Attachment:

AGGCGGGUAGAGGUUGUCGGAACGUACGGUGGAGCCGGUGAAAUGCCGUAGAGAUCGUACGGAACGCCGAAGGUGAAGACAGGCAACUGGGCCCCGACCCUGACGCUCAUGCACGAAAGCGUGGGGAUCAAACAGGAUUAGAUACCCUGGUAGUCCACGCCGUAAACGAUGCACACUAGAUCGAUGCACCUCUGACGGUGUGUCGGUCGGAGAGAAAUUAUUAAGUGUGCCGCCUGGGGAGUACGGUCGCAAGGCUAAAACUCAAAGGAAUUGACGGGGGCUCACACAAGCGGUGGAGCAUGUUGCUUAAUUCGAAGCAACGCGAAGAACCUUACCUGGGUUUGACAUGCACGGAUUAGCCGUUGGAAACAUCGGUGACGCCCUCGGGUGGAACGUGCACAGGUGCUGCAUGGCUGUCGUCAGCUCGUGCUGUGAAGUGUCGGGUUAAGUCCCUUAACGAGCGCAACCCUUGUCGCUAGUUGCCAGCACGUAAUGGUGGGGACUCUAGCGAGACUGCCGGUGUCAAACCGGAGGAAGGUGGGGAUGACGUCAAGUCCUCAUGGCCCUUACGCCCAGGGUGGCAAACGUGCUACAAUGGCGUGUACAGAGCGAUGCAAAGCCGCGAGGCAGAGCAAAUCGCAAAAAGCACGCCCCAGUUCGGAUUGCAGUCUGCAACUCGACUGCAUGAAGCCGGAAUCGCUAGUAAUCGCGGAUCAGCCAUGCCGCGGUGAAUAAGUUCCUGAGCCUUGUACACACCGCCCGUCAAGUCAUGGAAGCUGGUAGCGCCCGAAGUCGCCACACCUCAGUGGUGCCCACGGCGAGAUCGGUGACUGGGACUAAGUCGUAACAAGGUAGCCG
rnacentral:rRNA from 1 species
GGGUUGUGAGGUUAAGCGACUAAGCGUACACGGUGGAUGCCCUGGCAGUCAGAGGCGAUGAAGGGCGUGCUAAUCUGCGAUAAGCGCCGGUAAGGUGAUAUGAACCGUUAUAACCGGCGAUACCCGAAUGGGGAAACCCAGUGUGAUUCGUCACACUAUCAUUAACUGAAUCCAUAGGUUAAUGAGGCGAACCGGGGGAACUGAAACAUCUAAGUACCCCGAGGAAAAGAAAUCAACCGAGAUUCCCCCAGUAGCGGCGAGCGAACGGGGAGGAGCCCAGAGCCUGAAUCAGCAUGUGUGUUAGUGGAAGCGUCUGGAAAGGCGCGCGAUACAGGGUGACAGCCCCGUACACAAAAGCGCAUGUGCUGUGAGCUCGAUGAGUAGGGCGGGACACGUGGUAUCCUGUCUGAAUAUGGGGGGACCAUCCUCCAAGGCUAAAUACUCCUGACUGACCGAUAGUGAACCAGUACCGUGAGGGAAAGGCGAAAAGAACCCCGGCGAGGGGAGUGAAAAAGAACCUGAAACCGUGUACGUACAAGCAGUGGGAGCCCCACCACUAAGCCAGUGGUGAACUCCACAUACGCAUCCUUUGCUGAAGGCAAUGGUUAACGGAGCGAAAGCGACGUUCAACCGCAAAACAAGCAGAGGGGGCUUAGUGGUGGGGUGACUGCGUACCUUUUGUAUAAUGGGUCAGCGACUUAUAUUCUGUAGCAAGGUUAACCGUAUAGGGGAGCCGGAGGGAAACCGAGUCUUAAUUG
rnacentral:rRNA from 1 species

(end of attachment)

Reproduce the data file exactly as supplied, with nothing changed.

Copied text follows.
AGGCGGGUAGAGGUUGUCGGAACGUACGGUGGAGCCGGUGAAAUGCCGUAGAGAUCGUACGGAACGCCGAAGGUGAAGACAGGCAACUGGGCCCCGACCCUGACGCUCAUGCACGAAAGCGUGGGGAUCAAACAGGAUUAGAUACCCUGGUAGUCCACGCCGUAAACGAUGCACACUAGAUCGAUGCACCUCUGACGGUGUGUCGGUCGGAGAGAAAUUAUUAAGUGUGCCGCCUGGGGAGUACGGUCGCAAGGCUAAAACUCAAAGGAAUUGACGGGGGCUCACACAAGCGGUGGAGCAUGUUGCUUAAUUCGAAGCAACGCGAAGAACCUUACCUGGGUUUGACAUGCACGGAUUAGCCGUUGGAAACAUCGGUGACGCCCUCGGGUGGAACGUGCACAGGUGCUGCAUGGCUGUCGUCAGCUCGUGCUGUGAAGUGUCGGGUUAAGUCCCUUAACGAGCGCAACCCUUGUCGCUAGUUGCCAGCACGUAAUGGUGGGGACUCUAGCGAGACUGCCGGUGUCAAACCGGAGGAAGGUGGGGAUGACGUCAAGUCCUCAUGGCCCUUACGCCCAGGGUGGCAAACGUGCUACAAUGGCGUGUACAGAGCGAUGCAAAGCCGCGAGGCAGAGCAAAUCGCAAAAAGCACGCCCCAGUUCGGAUUGCAGUCUGCAACUCGACUGCAUGAAGCCGGAAUCGCUAGUAAUCGCGGAUCAGCCAUGCCGCGGUGAAUAAGUUCCUGAGCCUUGUACACACCGCCCGUCAAGUCAUGGAAGCUGGUAGCGCCCGAAGUCGCCACACCUCAGUGGUGCCCACGGCGAGAUCGGUGACUGGGACUAAGUCGUAACAAGGUAGCCG
rnacentral:rRNA from 1 species
GGGUUGUGAGGUUAAGCGACUAAGCGUACACGGUGGAUGCCCUGGCAGUCAGAGGCGAUGAAGGGCGUGCUAAUCUGCGAUAAGCGCCGGUAAGGUGAUAUGAACCGUUAUAACCGGCGAUACCCGAAUGGGGAAACCCAGUGUGAUUCGUCACACUAUCAUUAACUGAAUCCAUAGGUUAAUGAGGCGAACCGGGGGAACUGAAACAUCUAAGUACCCCGAGGAAAAGAAAUCAACCGAGAUUCCCCCAGUAGCGGCGAGCGAACGGGGAGGAGCCCAGAGCCUGAAUCAGCAUGUGUGUUAGUGGAAGCGUCUGGAAAGGCGCGCGAUACAGGGUGACAGCCCCGUACACAAAAGCGCAUGUGCUGUGAGCUCGAUGAGUAGGGCGGGACACGUGGUAUCCUGUCUGAAUAUGGGGGGACCAUCCUCCAAGGCUAAAUACUCCUGACUGACCGAUAGUGAACCAGUACCGUGAGGGAAAGGCGAAAAGAACCCCGGCGAGGGGAGUGAAAAAGAACCUGAAACCGUGUACGUACAAGCAGUGGGAGCCCCACCACUAAGCCAGUGGUGAACUCCACAUACGCAUCCUUUGCUGAAGGCAAUGGUUAACGGAGCGAAAGCGACGUUCAACCGCAAAACAAGCAGAGGGGGCUUAGUGGUGGGGUGACUGCGUACCUUUUGUAUAAUGGGUCAGCGACUUAUAUUCUGUAGCAAGGUUAACCGUAUAGGGGAGCCGGAGGGAAACCGAGUCUUAAUUG
rnacentral:rRNA from 1 species